As everyone know in Sudoku sum of each row and column is 45. so all Sudoku solutions are some kind of magic square. but my question is:

Have anyone seen a Sudoku puzzle combined with the magic square rule for all nine 3x3 squares? (even without diagonal sum)

Is it even possible to have such a puzzle?

edit: The same question about 4x4 squares.


It is not possible, for the simple reason all 3x3 magic squares have the 5 in the center spot of the 3x3 block. Therefor you'll always get 3 rows and columns in the 9x9 that hold 3 5's, rendering the sudoku part impossible.

Reference on the possible 3x3's: Dr Mikes math games for kids

EDIT: to add to the answer, here's a possible solution for 4x4's: 4x4 solution

Notice how I start in the upper left, I fill the top row by putting 4x4 blocks of which the rows are permutated. From there downwards, I build new 4x4 blocks by permutation columns in the 4x4 blocks from the top row.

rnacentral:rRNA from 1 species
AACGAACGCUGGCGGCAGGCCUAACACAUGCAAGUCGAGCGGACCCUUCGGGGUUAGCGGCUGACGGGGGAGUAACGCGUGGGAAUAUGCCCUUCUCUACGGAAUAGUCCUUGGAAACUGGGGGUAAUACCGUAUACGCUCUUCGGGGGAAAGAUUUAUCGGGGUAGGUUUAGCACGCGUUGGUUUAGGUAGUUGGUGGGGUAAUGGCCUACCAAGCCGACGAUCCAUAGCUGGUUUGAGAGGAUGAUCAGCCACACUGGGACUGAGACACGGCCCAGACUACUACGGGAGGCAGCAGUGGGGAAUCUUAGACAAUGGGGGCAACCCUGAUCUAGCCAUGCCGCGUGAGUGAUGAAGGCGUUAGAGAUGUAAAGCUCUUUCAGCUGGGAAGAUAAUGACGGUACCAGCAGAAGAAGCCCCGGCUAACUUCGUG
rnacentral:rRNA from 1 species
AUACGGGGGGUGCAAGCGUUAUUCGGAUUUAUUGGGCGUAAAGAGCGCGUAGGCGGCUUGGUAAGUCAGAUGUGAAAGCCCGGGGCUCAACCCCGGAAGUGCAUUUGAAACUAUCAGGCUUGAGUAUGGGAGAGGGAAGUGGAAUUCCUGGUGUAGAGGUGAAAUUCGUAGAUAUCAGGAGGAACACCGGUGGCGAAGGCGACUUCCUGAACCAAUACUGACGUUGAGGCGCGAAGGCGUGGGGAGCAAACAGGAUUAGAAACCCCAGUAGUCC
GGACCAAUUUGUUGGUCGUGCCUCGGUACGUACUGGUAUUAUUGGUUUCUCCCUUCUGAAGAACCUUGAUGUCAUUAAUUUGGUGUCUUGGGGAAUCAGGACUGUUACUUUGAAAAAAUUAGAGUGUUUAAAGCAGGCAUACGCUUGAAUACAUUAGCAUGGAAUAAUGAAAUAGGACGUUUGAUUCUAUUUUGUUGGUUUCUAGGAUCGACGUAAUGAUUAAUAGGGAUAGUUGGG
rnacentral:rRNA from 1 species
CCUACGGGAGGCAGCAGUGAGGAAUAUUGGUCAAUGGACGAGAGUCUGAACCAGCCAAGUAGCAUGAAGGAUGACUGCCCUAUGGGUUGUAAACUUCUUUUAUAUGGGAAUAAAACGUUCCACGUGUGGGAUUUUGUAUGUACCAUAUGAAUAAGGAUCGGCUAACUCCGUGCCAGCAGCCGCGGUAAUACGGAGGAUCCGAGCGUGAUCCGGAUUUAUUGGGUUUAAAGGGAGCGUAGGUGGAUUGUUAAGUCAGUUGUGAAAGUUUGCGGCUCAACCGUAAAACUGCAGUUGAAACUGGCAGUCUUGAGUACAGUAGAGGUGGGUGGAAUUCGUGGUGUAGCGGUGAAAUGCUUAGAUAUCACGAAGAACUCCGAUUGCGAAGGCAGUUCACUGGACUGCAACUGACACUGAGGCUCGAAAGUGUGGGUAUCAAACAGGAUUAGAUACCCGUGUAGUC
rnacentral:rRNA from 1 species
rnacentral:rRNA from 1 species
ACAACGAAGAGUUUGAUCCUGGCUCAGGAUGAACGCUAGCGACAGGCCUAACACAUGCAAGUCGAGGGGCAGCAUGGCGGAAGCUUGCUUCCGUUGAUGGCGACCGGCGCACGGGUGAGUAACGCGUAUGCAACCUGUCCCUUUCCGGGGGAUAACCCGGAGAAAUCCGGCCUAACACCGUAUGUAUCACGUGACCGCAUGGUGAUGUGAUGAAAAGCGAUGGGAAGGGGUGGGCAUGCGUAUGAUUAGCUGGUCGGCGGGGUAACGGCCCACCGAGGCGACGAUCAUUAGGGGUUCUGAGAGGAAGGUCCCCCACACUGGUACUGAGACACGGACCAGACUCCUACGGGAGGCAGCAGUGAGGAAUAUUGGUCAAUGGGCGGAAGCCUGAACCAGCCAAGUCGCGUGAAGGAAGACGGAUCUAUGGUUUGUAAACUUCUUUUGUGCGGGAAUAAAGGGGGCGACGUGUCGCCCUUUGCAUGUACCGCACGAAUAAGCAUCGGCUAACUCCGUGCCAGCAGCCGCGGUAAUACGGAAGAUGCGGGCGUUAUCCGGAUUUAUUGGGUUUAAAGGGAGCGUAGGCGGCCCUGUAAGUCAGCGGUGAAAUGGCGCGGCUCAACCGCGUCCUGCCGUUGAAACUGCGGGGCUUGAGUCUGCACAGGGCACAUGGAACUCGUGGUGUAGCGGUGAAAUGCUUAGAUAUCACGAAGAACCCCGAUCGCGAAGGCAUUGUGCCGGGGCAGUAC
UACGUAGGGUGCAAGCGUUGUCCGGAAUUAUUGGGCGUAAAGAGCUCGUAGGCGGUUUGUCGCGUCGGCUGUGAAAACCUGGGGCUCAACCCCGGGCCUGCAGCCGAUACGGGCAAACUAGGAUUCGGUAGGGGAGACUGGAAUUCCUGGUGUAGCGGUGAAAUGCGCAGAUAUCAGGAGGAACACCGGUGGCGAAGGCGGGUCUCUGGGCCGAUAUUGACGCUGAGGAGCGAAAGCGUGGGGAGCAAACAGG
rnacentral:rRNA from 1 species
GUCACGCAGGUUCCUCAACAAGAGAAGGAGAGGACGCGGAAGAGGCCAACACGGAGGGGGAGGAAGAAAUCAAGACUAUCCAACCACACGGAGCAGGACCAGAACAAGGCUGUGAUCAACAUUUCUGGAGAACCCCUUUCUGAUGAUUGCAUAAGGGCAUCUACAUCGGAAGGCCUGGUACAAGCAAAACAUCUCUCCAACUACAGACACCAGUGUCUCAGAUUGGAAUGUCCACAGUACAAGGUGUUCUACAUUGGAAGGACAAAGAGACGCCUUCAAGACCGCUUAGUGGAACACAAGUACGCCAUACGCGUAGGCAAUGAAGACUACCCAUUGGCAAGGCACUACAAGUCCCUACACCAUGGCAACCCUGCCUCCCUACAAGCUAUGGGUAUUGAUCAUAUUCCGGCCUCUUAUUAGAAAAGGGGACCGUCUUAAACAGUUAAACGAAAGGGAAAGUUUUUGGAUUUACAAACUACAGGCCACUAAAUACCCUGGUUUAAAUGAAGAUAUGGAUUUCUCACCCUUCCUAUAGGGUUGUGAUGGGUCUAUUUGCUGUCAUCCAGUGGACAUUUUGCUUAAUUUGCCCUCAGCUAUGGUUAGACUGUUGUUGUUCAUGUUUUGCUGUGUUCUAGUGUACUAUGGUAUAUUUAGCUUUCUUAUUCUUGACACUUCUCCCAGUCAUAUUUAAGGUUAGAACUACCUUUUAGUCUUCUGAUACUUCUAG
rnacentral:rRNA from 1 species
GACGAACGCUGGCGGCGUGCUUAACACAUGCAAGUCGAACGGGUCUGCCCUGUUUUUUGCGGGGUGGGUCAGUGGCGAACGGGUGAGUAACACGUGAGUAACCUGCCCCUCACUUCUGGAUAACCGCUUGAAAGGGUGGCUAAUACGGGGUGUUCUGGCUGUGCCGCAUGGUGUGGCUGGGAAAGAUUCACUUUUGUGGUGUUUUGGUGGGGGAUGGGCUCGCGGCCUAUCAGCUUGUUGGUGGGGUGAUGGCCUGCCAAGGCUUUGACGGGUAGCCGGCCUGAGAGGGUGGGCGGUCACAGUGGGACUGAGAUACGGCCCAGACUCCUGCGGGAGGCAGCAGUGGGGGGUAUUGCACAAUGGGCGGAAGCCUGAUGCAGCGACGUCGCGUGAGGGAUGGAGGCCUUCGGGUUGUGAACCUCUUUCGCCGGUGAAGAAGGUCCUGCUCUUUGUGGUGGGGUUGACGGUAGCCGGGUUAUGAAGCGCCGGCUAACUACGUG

As far as I can see all diagonals within the seperate 4x4's work aswell.

  • $\begingroup$ Oh how silly of me! thanks! what about 4x4 squares? $\endgroup$ – Rafe Sep 4 '14 at 7:39
  • $\begingroup$ That might be a trickier question, with numbers going from 1 to 16... I think there is limited options on what 4x4's are possible, one would have to check if there's viable permutations/symmetries there to get the 'sudoku part' right. There may actually be options. $\endgroup$ – Tim Couwelier Sep 4 '14 at 7:51
  • $\begingroup$ Curiousity got the better of me. I was frankly quite surprised how many manipulations could be done with them this easily. $\endgroup$ – Tim Couwelier Sep 4 '14 at 13:13
  • $\begingroup$ "(even without diagonal sum)" should solve the centered '5' of the 3x3 squares. $\endgroup$ – Alix Eisenhardt Jun 2 '17 at 14:58

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